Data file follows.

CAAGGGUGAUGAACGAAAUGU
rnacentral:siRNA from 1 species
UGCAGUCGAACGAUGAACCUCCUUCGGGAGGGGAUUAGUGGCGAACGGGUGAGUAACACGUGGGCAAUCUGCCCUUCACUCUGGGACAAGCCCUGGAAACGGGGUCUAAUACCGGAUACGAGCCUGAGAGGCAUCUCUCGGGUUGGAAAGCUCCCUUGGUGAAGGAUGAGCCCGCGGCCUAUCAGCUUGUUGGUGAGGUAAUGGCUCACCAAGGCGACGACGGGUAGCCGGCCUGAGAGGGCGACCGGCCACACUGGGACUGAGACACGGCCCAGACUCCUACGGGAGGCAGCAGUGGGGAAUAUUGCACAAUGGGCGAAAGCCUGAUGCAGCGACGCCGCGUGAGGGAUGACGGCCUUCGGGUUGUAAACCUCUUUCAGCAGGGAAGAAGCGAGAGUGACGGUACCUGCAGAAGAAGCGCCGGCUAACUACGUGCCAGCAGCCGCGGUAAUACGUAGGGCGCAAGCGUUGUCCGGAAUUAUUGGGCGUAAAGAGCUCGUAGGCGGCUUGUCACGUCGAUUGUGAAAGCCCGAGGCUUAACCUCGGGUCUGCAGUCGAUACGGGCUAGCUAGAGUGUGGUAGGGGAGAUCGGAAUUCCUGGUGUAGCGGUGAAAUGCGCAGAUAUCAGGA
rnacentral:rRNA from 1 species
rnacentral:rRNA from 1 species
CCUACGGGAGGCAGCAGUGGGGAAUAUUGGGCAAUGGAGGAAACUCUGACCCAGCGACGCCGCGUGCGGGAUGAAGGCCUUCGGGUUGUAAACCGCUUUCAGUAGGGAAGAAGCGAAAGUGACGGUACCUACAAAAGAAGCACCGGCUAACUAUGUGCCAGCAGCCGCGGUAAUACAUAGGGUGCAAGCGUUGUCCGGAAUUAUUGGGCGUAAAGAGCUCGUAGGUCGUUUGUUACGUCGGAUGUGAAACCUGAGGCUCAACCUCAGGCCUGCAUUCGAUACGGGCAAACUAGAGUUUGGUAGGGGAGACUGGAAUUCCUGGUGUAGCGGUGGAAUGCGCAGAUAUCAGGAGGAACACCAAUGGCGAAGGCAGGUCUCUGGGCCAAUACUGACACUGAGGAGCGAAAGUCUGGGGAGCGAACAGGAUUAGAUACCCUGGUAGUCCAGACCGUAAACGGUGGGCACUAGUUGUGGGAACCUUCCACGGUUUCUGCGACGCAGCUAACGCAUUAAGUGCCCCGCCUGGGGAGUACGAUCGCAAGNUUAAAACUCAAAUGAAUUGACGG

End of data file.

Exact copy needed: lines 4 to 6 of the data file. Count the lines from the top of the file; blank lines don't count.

rnacentral:rRNA from 1 species
rnacentral:rRNA from 1 species
CCUACGGGAGGCAGCAGUGGGGAAUAUUGGGCAAUGGAGGAAACUCUGACCCAGCGACGCCGCGUGCGGGAUGAAGGCCUUCGGGUUGUAAACCGCUUUCAGUAGGGAAGAAGCGAAAGUGACGGUACCUACAAAAGAAGCACCGGCUAACUAUGUGCCAGCAGCCGCGGUAAUACAUAGGGUGCAAGCGUUGUCCGGAAUUAUUGGGCGUAAAGAGCUCGUAGGUCGUUUGUUACGUCGGAUGUGAAACCUGAGGCUCAACCUCAGGCCUGCAUUCGAUACGGGCAAACUAGAGUUUGGUAGGGGAGACUGGAAUUCCUGGUGUAGCGGUGGAAUGCGCAGAUAUCAGGAGGAACACCAAUGGCGAAGGCAGGUCUCUGGGCCAAUACUGACACUGAGGAGCGAAAGUCUGGGGAGCGAACAGGAUUAGAUACCCUGGUAGUCCAGACCGUAAACGGUGGGCACUAGUUGUGGGAACCUUCCACGGUUUCUGCGACGCAGCUAACGCAUUAAGUGCCCCGCCUGGGGAGUACGAUCGCAAGNUUAAAACUCAAAUGAAUUGACGG